“Steel was the only
suitable material that
would allow the floors
to be column-free and
provide a suitable
elevation frame for the
and avoid disruption to the architectural
arrangement. The even distribution of the
cores provides good lateral stability to the
structure,” adds Mr Irvine.
“With three cores to construct and
considering the height of the building, a
concrete core would have increased the
programme and given us a less flexible
Main contractor BAM started on site last
August, once an existing building had been
demolished and a small reservoir drained.
Before the steel frame erection programme
could begin, BAM installed a concrete raft
foundation slab, which is up to 800mmthick.
Due to the building’s 18m-long spans
requiring a significant pad footprint, it
was decided that a raft solution integrating
the pads and ground floor slab would be
the most efficient foundation method to
minimise the overall concrete volume and
distribute the peak stresses under the main
As well as providing the structure’s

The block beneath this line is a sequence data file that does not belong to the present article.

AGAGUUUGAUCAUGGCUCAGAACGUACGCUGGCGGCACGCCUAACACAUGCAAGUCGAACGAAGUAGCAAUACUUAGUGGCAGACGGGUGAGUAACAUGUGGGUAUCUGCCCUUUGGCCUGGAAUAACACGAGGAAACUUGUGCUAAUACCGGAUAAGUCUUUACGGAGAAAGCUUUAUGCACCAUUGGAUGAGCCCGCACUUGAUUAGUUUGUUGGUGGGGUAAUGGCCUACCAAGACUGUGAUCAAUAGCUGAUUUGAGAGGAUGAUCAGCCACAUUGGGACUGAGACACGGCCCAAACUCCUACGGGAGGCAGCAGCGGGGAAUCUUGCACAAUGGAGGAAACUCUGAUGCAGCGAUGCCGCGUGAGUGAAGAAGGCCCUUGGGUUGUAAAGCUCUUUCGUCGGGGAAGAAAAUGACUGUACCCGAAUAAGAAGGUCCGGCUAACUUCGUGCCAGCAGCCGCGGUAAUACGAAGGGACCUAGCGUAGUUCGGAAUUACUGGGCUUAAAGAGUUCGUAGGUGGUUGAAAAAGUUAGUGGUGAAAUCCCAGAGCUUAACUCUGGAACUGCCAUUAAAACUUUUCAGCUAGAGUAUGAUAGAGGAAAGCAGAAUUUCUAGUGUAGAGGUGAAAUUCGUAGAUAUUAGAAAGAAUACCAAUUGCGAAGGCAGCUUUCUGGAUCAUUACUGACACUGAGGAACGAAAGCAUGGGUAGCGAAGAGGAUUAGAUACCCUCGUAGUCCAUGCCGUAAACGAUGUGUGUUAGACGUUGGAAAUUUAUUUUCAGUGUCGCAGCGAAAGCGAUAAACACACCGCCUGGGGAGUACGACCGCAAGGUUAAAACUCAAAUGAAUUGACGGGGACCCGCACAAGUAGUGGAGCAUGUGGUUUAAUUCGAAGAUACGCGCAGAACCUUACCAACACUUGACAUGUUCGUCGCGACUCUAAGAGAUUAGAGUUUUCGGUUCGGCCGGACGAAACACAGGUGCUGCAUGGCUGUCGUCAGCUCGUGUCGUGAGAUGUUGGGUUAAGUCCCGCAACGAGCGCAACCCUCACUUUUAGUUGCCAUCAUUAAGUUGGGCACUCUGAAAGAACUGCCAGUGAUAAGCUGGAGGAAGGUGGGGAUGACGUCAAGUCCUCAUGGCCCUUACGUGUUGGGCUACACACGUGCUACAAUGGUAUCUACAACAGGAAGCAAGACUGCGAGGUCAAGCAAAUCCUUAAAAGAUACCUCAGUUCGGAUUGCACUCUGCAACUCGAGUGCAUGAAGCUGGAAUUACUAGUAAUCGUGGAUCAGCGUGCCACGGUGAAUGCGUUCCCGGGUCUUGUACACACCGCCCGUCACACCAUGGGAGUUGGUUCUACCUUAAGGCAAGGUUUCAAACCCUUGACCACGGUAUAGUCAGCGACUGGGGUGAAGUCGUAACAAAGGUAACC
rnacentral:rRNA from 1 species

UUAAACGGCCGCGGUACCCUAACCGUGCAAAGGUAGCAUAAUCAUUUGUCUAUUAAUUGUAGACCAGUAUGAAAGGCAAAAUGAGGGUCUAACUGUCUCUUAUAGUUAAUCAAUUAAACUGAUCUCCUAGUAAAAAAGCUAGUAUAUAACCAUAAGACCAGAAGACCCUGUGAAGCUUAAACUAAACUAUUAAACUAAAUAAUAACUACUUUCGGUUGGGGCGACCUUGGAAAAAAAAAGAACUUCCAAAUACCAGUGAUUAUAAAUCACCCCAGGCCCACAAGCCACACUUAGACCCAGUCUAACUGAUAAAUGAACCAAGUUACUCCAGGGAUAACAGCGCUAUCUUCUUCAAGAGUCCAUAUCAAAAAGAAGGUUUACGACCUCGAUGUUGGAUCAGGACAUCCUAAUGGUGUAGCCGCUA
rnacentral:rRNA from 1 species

foundation solution, the completed raft also
supplied a solid base on which steelwork
contractor Billington Structures was able to
position its mobile cranes during its steel
Aside from the floor beams, some of
the longest steel elements are a series of
12m-high circular hollow section (CHS)
columns that form a covered architectural
The main core was the first part of the
steel frame to be erected, and once complete
Billington Structures employed two erection
gangs to complete the structure.
“Each gang used a 90t-capacity mobile
crane, and erected the steelwork by starting
at the core and then gradually proceeding
towards one end of the building,” explains
Billington Structures’ Project Manager
As well as steel erection, Billington
Structures also installed precast stairs and
supplied easi-edge protection to all perimeter
The INOVYN offices are due to be
complete by September 2020.
Steel was the only viable
option for the office
Alongside the offices, BAM is also constructing
a second smaller steel-framed wellbeing
building, which will measure approximately
45m-long x 12m-wide.
The building will house changing rooms and
drying rooms on the ground floor, alongside archive
space, and a gym, fitness studio and a plant area on
the upper floor.
This smaller building is founded on pad
foundations and has a series of 12m-long cellular
beams creating its column-free interior. As well as
offering an economical solution to form the structure’s
required spans, the beams accommodate services and
support the upper level’s metal decked flooring.
Feature CHS columns
form an overhang along
the main elevation.
was completed using a
variety of mobile cranes.